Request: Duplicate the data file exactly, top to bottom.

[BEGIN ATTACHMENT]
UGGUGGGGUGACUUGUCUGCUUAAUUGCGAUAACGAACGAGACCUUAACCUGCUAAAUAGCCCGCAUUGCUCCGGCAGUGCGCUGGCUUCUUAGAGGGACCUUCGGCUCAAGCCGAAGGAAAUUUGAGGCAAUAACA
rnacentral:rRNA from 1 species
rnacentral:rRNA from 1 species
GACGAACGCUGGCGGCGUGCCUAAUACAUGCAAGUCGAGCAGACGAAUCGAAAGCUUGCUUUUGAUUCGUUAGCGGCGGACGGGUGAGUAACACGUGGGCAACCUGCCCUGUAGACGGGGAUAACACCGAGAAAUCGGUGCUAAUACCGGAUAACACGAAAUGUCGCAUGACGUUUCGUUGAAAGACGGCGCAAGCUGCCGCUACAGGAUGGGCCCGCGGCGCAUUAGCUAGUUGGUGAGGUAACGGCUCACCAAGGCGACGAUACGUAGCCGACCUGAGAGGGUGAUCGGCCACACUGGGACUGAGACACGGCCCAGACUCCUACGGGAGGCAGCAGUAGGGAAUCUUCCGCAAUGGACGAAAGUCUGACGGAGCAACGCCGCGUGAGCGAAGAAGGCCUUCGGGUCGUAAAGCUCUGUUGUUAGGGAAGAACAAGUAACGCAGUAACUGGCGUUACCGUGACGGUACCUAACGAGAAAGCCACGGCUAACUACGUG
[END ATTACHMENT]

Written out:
UGGUGGGGUGACUUGUCUGCUUAAUUGCGAUAACGAACGAGACCUUAACCUGCUAAAUAGCCCGCAUUGCUCCGGCAGUGCGCUGGCUUCUUAGAGGGACCUUCGGCUCAAGCCGAAGGAAAUUUGAGGCAAUAACA
rnacentral:rRNA from 1 species
rnacentral:rRNA from 1 species
GACGAACGCUGGCGGCGUGCCUAAUACAUGCAAGUCGAGCAGACGAAUCGAAAGCUUGCUUUUGAUUCGUUAGCGGCGGACGGGUGAGUAACACGUGGGCAACCUGCCCUGUAGACGGGGAUAACACCGAGAAAUCGGUGCUAAUACCGGAUAACACGAAAUGUCGCAUGACGUUUCGUUGAAAGACGGCGCAAGCUGCCGCUACAGGAUGGGCCCGCGGCGCAUUAGCUAGUUGGUGAGGUAACGGCUCACCAAGGCGACGAUACGUAGCCGACCUGAGAGGGUGAUCGGCCACACUGGGACUGAGACACGGCCCAGACUCCUACGGGAGGCAGCAGUAGGGAAUCUUCCGCAAUGGACGAAAGUCUGACGGAGCAACGCCGCGUGAGCGAAGAAGGCCUUCGGGUCGUAAAGCUCUGUUGUUAGGGAAGAACAAGUAACGCAGUAACUGGCGUUACCGUGACGGUACCUAACGAGAAAGCCACGGCUAACUACGUG